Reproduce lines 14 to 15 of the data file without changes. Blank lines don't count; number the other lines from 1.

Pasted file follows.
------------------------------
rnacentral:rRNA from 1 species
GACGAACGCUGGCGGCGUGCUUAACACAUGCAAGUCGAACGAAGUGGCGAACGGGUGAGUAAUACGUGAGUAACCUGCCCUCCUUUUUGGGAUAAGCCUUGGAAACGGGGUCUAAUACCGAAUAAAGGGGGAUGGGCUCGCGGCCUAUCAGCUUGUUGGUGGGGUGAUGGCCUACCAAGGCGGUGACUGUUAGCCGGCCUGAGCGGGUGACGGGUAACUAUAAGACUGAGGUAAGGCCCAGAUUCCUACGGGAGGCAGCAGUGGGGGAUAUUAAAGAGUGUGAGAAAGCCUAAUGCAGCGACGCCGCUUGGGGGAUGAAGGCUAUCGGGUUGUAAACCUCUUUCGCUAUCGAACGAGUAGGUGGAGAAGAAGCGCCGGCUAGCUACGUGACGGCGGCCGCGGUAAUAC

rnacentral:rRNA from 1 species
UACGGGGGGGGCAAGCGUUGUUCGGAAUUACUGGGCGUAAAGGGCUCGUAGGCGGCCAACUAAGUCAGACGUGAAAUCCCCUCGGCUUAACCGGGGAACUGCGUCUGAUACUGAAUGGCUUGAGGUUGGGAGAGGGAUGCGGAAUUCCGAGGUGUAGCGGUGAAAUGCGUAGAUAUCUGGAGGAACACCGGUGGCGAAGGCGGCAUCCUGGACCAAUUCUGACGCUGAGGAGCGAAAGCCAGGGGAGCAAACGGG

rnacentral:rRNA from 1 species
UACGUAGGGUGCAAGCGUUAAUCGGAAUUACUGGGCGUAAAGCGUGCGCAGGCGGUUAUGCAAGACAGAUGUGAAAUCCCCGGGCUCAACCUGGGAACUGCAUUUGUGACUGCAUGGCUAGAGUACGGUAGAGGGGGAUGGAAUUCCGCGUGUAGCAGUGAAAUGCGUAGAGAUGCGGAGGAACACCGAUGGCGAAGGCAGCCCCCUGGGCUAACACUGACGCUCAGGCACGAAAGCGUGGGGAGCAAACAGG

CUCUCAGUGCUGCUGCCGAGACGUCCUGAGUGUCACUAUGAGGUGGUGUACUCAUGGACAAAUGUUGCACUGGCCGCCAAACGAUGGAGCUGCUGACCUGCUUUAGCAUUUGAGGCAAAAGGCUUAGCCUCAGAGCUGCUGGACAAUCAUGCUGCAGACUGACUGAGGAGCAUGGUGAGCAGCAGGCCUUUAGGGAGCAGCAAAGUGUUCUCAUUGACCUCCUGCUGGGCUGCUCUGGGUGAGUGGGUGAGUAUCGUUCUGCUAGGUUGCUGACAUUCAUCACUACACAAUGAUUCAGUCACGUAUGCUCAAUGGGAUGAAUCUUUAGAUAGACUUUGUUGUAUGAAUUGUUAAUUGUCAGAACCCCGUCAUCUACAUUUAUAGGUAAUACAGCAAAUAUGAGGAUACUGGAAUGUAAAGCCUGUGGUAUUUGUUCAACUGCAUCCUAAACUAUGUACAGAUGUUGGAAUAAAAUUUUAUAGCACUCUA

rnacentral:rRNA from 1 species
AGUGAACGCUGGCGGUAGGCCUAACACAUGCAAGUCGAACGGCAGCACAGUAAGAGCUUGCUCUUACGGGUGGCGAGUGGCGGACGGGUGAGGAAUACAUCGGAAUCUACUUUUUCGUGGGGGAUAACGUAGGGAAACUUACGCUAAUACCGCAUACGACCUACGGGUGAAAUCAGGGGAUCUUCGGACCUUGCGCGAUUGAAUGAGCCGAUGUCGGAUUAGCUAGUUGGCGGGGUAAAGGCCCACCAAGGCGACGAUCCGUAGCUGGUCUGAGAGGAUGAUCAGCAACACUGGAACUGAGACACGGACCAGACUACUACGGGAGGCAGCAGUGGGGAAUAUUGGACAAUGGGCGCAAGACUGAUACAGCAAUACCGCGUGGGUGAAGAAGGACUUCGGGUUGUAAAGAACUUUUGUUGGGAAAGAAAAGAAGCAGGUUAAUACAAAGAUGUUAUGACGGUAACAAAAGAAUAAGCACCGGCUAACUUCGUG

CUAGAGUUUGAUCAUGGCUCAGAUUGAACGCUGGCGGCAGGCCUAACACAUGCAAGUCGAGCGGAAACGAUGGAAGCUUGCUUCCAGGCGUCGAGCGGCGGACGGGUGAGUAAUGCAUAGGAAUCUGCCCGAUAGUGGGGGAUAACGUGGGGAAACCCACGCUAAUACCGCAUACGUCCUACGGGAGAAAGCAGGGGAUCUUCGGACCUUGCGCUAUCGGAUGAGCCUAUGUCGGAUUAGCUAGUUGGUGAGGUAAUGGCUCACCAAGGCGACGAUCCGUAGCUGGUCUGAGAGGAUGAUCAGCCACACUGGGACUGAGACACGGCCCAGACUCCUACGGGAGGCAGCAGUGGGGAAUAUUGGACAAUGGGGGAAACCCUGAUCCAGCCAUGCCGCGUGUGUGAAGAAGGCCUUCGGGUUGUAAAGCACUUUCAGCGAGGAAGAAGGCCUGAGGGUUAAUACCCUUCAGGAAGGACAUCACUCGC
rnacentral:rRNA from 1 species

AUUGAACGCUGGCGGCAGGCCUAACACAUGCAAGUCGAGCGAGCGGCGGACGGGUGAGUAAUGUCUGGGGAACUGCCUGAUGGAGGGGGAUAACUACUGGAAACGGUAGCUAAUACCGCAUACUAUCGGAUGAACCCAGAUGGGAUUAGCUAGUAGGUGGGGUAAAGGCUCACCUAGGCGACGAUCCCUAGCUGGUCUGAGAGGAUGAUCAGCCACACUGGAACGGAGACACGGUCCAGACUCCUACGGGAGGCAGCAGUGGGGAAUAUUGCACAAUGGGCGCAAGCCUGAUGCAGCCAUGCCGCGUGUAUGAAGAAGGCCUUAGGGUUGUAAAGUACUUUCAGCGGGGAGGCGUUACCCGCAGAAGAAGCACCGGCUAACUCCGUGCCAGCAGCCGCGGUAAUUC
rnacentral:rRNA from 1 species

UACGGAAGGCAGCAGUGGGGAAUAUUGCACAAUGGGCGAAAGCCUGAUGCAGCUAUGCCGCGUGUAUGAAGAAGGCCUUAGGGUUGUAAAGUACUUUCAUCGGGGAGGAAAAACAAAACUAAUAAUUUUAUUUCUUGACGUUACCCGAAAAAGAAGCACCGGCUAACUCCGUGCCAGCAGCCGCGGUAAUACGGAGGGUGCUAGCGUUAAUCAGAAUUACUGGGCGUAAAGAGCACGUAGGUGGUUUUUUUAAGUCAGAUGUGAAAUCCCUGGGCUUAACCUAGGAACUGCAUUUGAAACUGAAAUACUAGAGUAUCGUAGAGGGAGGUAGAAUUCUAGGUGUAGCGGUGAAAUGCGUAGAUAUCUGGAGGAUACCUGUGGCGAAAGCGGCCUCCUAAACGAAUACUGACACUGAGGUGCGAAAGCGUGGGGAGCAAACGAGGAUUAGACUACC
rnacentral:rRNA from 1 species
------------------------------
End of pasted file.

UACGGAAGGCAGCAGUGGGGAAUAUUGCACAAUGGGCGAAAGCCUGAUGCAGCUAUGCCGCGUGUAUGAAGAAGGCCUUAGGGUUGUAAAGUACUUUCAUCGGGGAGGAAAAACAAAACUAAUAAUUUUAUUUCUUGACGUUACCCGAAAAAGAAGCACCGGCUAACUCCGUGCCAGCAGCCGCGGUAAUACGGAGGGUGCUAGCGUUAAUCAGAAUUACUGGGCGUAAAGAGCACGUAGGUGGUUUUUUUAAGUCAGAUGUGAAAUCCCUGGGCUUAACCUAGGAACUGCAUUUGAAACUGAAAUACUAGAGUAUCGUAGAGGGAGGUAGAAUUCUAGGUGUAGCGGUGAAAUGCGUAGAUAUCUGGAGGAUACCUGUGGCGAAAGCGGCCUCCUAAACGAAUACUGACACUGAGGUGCGAAAGCGUGGGGAGCAAACGAGGAUUAGACUACC
rnacentral:rRNA from 1 species